It’s sad that 200 years later, we still haven’t learned much about what matters, nor about how to treat others.
The importance of money and social class and the place of women in early 19th-century England take center stage in Jane Austen’s beloved last novel, “Persuasion.”
Now a beautiful musical version is on view through Nov. 18 at Lamb’s Players Theatre in Coronado. With a fine book by Harold Taw, excellent music and witty lyrics by Chris Jeffries, this version fits the ideas and characters in Austen’s novel to a T, and the excellent cast sells the story.
Alison Spratt Pearce is Anne Elliot, the 27-year-old still-single middle daughter of widowed Sir Walter Elliot (John Rosen), who has pretty much despaired of marrying off this headstrong woman who is (to his annoyance) much less interested in “marrying well” than in settling down with the right partner.
Eight years before “Persuasion” begins, Anne had met her dream man – the dashing Captain Frederick Wentworth (David S. Humphrey). The feeling was mutual, and they’d agreed to marry. But Anne had allowed herself to be influenced by her status-conscious godmother Lady Russell (Linda Libby) and refused this penniless man on the grounds that he couldn’t improve her (or her family’s) financial standing. So he left Anne and went off to the Napoleonic Wars.
Meanwhile, Sir Walter, a profligate spender, and ceaseless status-seeker refuses to rein in his spending habits, which forces the family to rent the estate and move to cheaper digs in Bath.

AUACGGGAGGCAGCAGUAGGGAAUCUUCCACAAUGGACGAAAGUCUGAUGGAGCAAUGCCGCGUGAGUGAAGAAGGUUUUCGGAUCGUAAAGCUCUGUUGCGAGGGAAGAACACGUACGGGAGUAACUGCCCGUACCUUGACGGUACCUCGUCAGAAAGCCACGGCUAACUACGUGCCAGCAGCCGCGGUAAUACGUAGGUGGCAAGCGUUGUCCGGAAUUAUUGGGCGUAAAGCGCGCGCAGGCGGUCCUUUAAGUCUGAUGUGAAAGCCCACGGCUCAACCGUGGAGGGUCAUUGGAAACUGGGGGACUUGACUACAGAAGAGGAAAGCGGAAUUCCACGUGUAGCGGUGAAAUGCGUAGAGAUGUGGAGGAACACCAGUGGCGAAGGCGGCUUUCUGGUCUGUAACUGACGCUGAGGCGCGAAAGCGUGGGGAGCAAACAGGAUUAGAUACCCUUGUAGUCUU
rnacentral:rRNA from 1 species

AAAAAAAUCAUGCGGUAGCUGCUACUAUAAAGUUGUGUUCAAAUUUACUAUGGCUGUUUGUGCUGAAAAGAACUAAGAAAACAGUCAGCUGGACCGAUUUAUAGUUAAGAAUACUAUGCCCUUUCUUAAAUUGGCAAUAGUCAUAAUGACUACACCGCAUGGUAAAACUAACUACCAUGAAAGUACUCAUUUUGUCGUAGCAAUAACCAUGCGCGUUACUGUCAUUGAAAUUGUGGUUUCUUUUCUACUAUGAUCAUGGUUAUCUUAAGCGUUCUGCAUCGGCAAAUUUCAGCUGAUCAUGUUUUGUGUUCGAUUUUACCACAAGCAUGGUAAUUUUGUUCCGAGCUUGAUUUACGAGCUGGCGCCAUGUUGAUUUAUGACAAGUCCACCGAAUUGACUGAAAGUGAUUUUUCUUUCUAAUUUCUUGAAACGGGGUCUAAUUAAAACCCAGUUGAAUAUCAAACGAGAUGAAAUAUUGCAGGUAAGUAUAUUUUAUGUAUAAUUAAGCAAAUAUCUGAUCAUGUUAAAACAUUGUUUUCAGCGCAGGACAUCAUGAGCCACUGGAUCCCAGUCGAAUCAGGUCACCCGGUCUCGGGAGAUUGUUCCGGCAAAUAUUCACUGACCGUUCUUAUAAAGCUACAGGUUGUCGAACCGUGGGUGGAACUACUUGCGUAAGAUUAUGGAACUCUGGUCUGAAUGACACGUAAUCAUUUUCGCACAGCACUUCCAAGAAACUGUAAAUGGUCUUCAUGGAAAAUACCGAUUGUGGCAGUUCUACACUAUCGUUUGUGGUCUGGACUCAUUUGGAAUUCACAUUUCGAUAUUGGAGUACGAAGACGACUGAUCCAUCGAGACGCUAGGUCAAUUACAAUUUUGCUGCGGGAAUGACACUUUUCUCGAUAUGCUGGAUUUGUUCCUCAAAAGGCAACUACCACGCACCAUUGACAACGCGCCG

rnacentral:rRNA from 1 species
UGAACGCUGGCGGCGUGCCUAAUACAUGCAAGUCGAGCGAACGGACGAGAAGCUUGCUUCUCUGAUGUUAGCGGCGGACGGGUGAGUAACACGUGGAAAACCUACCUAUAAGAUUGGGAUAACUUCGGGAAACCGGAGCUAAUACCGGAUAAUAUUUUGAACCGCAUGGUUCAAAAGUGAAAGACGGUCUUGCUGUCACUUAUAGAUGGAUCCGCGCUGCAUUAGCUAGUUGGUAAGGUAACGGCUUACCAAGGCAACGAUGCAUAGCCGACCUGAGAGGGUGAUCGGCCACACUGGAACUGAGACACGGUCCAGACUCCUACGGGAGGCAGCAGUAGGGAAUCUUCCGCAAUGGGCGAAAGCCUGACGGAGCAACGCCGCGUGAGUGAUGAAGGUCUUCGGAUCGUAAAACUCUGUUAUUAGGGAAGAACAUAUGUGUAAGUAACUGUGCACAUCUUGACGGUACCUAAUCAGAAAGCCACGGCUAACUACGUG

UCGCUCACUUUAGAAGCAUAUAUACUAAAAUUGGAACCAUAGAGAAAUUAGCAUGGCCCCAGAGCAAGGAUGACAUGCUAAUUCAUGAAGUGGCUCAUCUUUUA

Now it’s 1814. Sir Walter has married off his youngest, spoiled daughter Mary to Charles Musgrove, whom Anne had rejected years before.
“Persuasion” offers three eligible bachelors – Wentworth, Captain Benwick (who spends a lot of time spouting depressing poetry) and Sir Walter’s distant nephew William, eventual heir to the Elliot estate (the last two played by Jordan Miller) – and four eligible women – Anne, her vain elder sister Elizabeth (Lauren King Thompson) and the Musgrove sisters, indecisive Henrietta (also played by Thompson) and pretty Louisa (Abigail Allwein).
Got it? Never mind; the central question concerns Anne and whether she will or will not marry her prince. The others are around to illustrate the silliness of upper-crust and wannabe upper-crust behavior.
Director Robert Smyth’s splendid (not to mention versatile) cast has a good feel for these characters and this time. He is aided by a fine tech team: Jeanne Reith’s lovely costumes and Mike Buckley’s easily reconfigured set, Javier Velasco’s lovely choreography; and fine lighting and sound designs by Nathan Peirson and Patrick Duffy.
Chris Jeffries’ score is extraordinary as well, and so deftly inserted into the drama that it feels natural and not a bit tacked on.
Pearce is in her element and terrific as Anne, and finds a worthy comrade in Humphrey’s Wentworth.
Local favorite Linda Libby deftly crosses class barriers in triples roles as Lady Russell, Mrs. Musgrove and Mrs. Harville.
Omri Shein, everybody’s favorite comic, contributes hilarious moments as Charles, especially when asked by Henrietta if he’s up for dancing. “If the alternative is military service,” he quips.
But he’s even funnier as the Elliot family attorney – with one lock of hair drooping over one eye – and again as preening dowager Lady Dalrymple.
Musical director Patrick Marion and his excellent quartet play this lovely score from their crow’s-nest digs at the top of the set.
Austen was way ahead of her time. It’s sad that 200 years later, we still haven’t learned much about what matters, nor about how to treat others.
“Persuasion” will charm and amuse you, as well as giving you something to talk about over coffee.
“Persuasion” plays through November 18, 2018, at Lamb’s Players Theatre, 1142 Orange Avenue, Coronado.
Tuesday at 7:30 pm; Wednesday at 2 and 7:30 pm Thursday at 7:30 pm; Friday at 8 pm; Saturday at 4 and 8 pm Sunday at 2 pm
Tickets: (619) 437-6000 or lambsplayers.org